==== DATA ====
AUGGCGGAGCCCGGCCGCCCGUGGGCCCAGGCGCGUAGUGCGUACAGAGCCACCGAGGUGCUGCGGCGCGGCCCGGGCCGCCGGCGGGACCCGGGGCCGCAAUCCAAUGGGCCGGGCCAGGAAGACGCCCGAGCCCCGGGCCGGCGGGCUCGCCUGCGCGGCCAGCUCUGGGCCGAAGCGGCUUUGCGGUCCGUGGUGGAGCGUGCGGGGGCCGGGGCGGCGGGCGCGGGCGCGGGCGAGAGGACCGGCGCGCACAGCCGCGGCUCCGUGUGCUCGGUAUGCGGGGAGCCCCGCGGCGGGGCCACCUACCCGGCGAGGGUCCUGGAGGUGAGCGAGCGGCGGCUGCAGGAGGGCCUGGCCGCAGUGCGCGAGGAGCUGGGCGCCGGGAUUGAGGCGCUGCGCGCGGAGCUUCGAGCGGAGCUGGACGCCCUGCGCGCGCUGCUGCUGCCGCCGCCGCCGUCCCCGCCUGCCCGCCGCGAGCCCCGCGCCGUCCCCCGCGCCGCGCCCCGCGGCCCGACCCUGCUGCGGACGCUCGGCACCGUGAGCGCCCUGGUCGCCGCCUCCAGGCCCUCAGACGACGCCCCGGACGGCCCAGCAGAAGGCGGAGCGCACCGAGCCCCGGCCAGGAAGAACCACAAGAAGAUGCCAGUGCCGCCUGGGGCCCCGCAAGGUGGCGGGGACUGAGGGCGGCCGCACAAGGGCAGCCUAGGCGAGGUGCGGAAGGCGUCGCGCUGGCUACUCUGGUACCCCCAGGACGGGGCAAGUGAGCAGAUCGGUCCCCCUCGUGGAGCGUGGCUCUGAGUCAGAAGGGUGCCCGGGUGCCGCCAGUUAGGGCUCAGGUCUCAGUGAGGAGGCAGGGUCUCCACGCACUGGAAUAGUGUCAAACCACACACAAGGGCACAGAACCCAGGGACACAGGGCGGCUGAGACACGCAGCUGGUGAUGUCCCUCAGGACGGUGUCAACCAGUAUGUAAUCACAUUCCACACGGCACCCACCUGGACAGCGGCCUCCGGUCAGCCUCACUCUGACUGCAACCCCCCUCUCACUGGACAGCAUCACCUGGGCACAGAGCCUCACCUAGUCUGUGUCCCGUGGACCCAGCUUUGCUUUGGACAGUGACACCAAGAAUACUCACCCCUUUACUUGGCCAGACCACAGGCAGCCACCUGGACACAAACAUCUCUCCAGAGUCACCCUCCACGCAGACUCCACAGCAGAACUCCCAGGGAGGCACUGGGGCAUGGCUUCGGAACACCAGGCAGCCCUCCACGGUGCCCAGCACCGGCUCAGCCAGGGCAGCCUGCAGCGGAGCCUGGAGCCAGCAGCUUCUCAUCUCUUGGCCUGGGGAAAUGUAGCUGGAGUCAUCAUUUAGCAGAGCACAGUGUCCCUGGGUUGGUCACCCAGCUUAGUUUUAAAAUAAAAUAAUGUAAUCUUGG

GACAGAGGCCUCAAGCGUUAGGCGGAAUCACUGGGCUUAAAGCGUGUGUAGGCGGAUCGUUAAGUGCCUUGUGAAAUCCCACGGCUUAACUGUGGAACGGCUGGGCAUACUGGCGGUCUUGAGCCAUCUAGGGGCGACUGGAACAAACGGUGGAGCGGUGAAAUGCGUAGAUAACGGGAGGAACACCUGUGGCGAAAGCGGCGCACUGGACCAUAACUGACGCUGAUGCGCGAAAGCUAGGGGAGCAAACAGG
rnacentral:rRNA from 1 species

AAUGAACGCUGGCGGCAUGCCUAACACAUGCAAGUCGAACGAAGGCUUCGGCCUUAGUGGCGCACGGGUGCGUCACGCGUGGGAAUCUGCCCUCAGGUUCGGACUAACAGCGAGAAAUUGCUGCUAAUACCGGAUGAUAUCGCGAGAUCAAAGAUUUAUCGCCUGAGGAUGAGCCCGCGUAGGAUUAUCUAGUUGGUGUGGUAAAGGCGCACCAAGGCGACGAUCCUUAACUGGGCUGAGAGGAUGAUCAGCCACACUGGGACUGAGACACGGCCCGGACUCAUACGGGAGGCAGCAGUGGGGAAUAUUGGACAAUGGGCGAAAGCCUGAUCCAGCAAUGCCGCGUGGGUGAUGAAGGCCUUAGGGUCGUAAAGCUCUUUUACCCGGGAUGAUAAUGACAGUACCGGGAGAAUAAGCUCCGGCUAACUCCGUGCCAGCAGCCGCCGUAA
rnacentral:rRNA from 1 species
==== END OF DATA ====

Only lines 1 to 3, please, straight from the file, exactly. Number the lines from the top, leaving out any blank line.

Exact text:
AUGGCGGAGCCCGGCCGCCCGUGGGCCCAGGCGCGUAGUGCGUACAGAGCCACCGAGGUGCUGCGGCGCGGCCCGGGCCGCCGGCGGGACCCGGGGCCGCAAUCCAAUGGGCCGGGCCAGGAAGACGCCCGAGCCCCGGGCCGGCGGGCUCGCCUGCGCGGCCAGCUCUGGGCCGAAGCGGCUUUGCGGUCCGUGGUGGAGCGUGCGGGGGCCGGGGCGGCGGGCGCGGGCGCGGGCGAGAGGACCGGCGCGCACAGCCGCGGCUCCGUGUGCUCGGUAUGCGGGGAGCCCCGCGGCGGGGCCACCUACCCGGCGAGGGUCCUGGAGGUGAGCGAGCGGCGGCUGCAGGAGGGCCUGGCCGCAGUGCGCGAGGAGCUGGGCGCCGGGAUUGAGGCGCUGCGCGCGGAGCUUCGAGCGGAGCUGGACGCCCUGCGCGCGCUGCUGCUGCCGCCGCCGCCGUCCCCGCCUGCCCGCCGCGAGCCCCGCGCCGUCCCCCGCGCCGCGCCCCGCGGCCCGACCCUGCUGCGGACGCUCGGCACCGUGAGCGCCCUGGUCGCCGCCUCCAGGCCCUCAGACGACGCCCCGGACGGCCCAGCAGAAGGCGGAGCGCACCGAGCCCCGGCCAGGAAGAACCACAAGAAGAUGCCAGUGCCGCCUGGGGCCCCGCAAGGUGGCGGGGACUGAGGGCGGCCGCACAAGGGCAGCCUAGGCGAGGUGCGGAAGGCGUCGCGCUGGCUACUCUGGUACCCCCAGGACGGGGCAAGUGAGCAGAUCGGUCCCCCUCGUGGAGCGUGGCUCUGAGUCAGAAGGGUGCCCGGGUGCCGCCAGUUAGGGCUCAGGUCUCAGUGAGGAGGCAGGGUCUCCACGCACUGGAAUAGUGUCAAACCACACACAAGGGCACAGAACCCAGGGACACAGGGCGGCUGAGACACGCAGCUGGUGAUGUCCCUCAGGACGGUGUCAACCAGUAUGUAAUCACAUUCCACACGGCACCCACCUGGACAGCGGCCUCCGGUCAGCCUCACUCUGACUGCAACCCCCCUCUCACUGGACAGCAUCACCUGGGCACAGAGCCUCACCUAGUCUGUGUCCCGUGGACCCAGCUUUGCUUUGGACAGUGACACCAAGAAUACUCACCCCUUUACUUGGCCAGACCACAGGCAGCCACCUGGACACAAACAUCUCUCCAGAGUCACCCUCCACGCAGACUCCACAGCAGAACUCCCAGGGAGGCACUGGGGCAUGGCUUCGGAACACCAGGCAGCCCUCCACGGUGCCCAGCACCGGCUCAGCCAGGGCAGCCUGCAGCGGAGCCUGGAGCCAGCAGCUUCUCAUCUCUUGGCCUGGGGAAAUGUAGCUGGAGUCAUCAUUUAGCAGAGCACAGUGUCCCUGGGUUGGUCACCCAGCUUAGUUUUAAAAUAAAAUAAUGUAAUCUUGG

GACAGAGGCCUCAAGCGUUAGGCGGAAUCACUGGGCUUAAAGCGUGUGUAGGCGGAUCGUUAAGUGCCUUGUGAAAUCCCACGGCUUAACUGUGGAACGGCUGGGCAUACUGGCGGUCUUGAGCCAUCUAGGGGCGACUGGAACAAACGGUGGAGCGGUGAAAUGCGUAGAUAACGGGAGGAACACCUGUGGCGAAAGCGGCGCACUGGACCAUAACUGACGCUGAUGCGCGAAAGCUAGGGGAGCAAACAGG
rnacentral:rRNA from 1 species